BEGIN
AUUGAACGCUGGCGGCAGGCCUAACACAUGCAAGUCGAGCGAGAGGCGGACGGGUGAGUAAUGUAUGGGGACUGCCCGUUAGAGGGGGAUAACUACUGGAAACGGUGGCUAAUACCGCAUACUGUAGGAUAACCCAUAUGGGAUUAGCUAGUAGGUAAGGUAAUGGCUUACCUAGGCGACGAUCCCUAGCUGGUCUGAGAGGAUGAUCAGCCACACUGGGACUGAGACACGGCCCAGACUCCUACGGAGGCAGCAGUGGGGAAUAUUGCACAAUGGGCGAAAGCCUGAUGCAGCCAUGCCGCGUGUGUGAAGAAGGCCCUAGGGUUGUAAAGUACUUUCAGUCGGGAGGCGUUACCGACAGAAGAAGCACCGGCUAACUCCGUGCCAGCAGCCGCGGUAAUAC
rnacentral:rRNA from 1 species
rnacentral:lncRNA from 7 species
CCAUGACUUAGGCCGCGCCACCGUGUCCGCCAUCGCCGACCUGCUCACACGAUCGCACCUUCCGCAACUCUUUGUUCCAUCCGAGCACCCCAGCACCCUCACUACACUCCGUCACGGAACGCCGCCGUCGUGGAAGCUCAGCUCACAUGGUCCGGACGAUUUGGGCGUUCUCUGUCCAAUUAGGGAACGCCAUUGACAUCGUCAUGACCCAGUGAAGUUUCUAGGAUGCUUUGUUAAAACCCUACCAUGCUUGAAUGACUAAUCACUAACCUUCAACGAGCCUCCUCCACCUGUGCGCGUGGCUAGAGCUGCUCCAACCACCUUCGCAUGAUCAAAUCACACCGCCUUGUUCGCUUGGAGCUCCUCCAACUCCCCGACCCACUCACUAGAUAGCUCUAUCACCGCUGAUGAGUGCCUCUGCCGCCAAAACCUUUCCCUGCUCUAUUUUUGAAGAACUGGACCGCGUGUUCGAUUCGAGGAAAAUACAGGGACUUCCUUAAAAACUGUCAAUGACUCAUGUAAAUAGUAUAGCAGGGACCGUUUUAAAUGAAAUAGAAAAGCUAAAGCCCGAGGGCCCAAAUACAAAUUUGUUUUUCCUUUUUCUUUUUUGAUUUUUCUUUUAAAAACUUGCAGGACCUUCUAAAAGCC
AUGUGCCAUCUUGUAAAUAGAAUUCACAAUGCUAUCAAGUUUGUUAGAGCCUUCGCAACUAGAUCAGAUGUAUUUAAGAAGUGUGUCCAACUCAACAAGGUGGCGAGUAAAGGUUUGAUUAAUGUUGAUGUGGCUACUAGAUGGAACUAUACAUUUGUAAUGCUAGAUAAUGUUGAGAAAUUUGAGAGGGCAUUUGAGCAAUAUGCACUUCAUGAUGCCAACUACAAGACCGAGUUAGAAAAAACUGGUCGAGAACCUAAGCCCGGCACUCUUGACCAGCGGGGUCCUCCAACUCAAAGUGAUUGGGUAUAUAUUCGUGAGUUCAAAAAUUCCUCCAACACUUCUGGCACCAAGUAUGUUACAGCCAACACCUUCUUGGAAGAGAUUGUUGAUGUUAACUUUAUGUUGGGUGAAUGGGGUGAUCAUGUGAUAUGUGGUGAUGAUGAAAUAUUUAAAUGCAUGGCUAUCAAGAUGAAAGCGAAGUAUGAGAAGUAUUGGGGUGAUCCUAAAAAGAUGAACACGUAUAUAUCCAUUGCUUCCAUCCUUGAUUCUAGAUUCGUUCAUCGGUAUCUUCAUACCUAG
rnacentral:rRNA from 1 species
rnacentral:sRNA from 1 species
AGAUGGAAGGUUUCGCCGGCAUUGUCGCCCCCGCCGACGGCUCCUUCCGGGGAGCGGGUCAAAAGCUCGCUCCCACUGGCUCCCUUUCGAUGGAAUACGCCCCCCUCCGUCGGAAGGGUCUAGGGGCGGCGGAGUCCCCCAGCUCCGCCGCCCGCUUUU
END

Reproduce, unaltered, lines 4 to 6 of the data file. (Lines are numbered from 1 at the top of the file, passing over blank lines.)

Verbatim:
CCAUGACUUAGGCCGCGCCACCGUGUCCGCCAUCGCCGACCUGCUCACACGAUCGCACCUUCCGCAACUCUUUGUUCCAUCCGAGCACCCCAGCACCCUCACUACACUCCGUCACGGAACGCCGCCGUCGUGGAAGCUCAGCUCACAUGGUCCGGACGAUUUGGGCGUUCUCUGUCCAAUUAGGGAACGCCAUUGACAUCGUCAUGACCCAGUGAAGUUUCUAGGAUGCUUUGUUAAAACCCUACCAUGCUUGAAUGACUAAUCACUAACCUUCAACGAGCCUCCUCCACCUGUGCGCGUGGCUAGAGCUGCUCCAACCACCUUCGCAUGAUCAAAUCACACCGCCUUGUUCGCUUGGAGCUCCUCCAACUCCCCGACCCACUCACUAGAUAGCUCUAUCACCGCUGAUGAGUGCCUCUGCCGCCAAAACCUUUCCCUGCUCUAUUUUUGAAGAACUGGACCGCGUGUUCGAUUCGAGGAAAAUACAGGGACUUCCUUAAAAACUGUCAAUGACUCAUGUAAAUAGUAUAGCAGGGACCGUUUUAAAUGAAAUAGAAAAGCUAAAGCCCGAGGGCCCAAAUACAAAUUUGUUUUUCCUUUUUCUUUUUUGAUUUUUCUUUUAAAAACUUGCAGGACCUUCUAAAAGCC
AUGUGCCAUCUUGUAAAUAGAAUUCACAAUGCUAUCAAGUUUGUUAGAGCCUUCGCAACUAGAUCAGAUGUAUUUAAGAAGUGUGUCCAACUCAACAAGGUGGCGAGUAAAGGUUUGAUUAAUGUUGAUGUGGCUACUAGAUGGAACUAUACAUUUGUAAUGCUAGAUAAUGUUGAGAAAUUUGAGAGGGCAUUUGAGCAAUAUGCACUUCAUGAUGCCAACUACAAGACCGAGUUAGAAAAAACUGGUCGAGAACCUAAGCCCGGCACUCUUGACCAGCGGGGUCCUCCAACUCAAAGUGAUUGGGUAUAUAUUCGUGAGUUCAAAAAUUCCUCCAACACUUCUGGCACCAAGUAUGUUACAGCCAACACCUUCUUGGAAGAGAUUGUUGAUGUUAACUUUAUGUUGGGUGAAUGGGGUGAUCAUGUGAUAUGUGGUGAUGAUGAAAUAUUUAAAUGCAUGGCUAUCAAGAUGAAAGCGAAGUAUGAGAAGUAUUGGGGUGAUCCUAAAAAGAUGAACACGUAUAUAUCCAUUGCUUCCAUCCUUGAUUCUAGAUUCGUUCAUCGGUAUCUUCAUACCUAG
rnacentral:rRNA from 1 species